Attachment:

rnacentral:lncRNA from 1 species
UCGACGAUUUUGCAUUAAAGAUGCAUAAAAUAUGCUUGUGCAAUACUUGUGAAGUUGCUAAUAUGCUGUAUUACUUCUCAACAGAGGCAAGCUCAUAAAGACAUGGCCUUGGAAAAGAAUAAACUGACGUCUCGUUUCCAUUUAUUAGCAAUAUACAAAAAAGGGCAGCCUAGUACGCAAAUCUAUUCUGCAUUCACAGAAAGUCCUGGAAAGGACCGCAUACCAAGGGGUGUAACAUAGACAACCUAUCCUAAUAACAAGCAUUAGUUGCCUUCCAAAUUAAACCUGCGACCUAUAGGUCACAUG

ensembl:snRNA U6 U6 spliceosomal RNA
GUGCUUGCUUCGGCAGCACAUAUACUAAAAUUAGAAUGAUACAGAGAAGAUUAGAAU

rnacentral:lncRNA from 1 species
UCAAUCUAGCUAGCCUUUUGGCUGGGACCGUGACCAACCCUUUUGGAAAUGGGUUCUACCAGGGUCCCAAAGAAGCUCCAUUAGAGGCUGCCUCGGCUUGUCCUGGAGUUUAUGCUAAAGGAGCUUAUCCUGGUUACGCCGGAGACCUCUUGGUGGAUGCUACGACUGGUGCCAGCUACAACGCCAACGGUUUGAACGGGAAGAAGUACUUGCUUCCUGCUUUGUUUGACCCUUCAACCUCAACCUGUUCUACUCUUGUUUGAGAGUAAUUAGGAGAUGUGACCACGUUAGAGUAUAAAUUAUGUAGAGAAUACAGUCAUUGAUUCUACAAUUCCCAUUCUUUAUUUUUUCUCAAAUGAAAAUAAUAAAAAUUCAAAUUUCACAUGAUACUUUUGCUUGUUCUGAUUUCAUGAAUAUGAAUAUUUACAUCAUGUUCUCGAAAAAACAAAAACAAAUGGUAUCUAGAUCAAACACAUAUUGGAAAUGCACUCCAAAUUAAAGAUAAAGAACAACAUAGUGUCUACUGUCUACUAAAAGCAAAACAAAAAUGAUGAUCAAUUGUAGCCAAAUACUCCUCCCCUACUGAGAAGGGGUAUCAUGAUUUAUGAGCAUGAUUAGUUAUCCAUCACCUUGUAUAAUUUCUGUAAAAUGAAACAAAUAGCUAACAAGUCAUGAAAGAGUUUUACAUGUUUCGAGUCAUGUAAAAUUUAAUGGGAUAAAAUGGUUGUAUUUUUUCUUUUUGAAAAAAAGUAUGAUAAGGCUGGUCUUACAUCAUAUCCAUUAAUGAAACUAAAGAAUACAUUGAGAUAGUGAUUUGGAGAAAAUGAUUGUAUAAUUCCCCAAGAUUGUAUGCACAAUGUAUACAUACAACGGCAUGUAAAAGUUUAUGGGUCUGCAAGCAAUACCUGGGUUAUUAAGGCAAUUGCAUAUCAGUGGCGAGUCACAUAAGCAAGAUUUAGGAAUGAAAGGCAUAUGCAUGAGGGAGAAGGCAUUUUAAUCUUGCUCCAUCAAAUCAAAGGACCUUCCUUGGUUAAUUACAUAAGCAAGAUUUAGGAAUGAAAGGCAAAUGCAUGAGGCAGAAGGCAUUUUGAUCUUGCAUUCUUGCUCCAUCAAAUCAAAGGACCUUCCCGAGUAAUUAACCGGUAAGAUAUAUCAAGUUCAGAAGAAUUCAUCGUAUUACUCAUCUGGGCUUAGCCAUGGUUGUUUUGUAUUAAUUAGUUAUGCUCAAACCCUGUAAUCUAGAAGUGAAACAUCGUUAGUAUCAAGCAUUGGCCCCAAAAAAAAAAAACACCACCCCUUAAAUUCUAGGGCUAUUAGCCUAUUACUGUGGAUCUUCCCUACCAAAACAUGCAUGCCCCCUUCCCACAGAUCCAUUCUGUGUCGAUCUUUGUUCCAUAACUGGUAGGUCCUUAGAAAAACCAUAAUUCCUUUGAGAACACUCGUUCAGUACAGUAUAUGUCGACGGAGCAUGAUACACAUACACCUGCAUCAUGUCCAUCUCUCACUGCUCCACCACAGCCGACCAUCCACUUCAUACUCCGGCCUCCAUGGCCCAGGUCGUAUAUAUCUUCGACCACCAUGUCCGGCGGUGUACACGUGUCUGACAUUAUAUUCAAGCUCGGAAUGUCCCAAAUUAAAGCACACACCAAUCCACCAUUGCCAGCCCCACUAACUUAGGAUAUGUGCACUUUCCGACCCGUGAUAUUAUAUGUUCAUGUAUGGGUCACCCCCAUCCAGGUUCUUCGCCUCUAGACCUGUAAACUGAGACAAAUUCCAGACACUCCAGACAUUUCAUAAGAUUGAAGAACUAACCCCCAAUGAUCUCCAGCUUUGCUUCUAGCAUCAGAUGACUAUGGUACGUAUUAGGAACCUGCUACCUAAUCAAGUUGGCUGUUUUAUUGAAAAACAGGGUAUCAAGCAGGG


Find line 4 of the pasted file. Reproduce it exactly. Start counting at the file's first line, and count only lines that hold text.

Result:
GUGCUUGCUUCGGCAGCACAUAUACUAAAAUUAGAAUGAUACAGAGAAGAUUAGAAU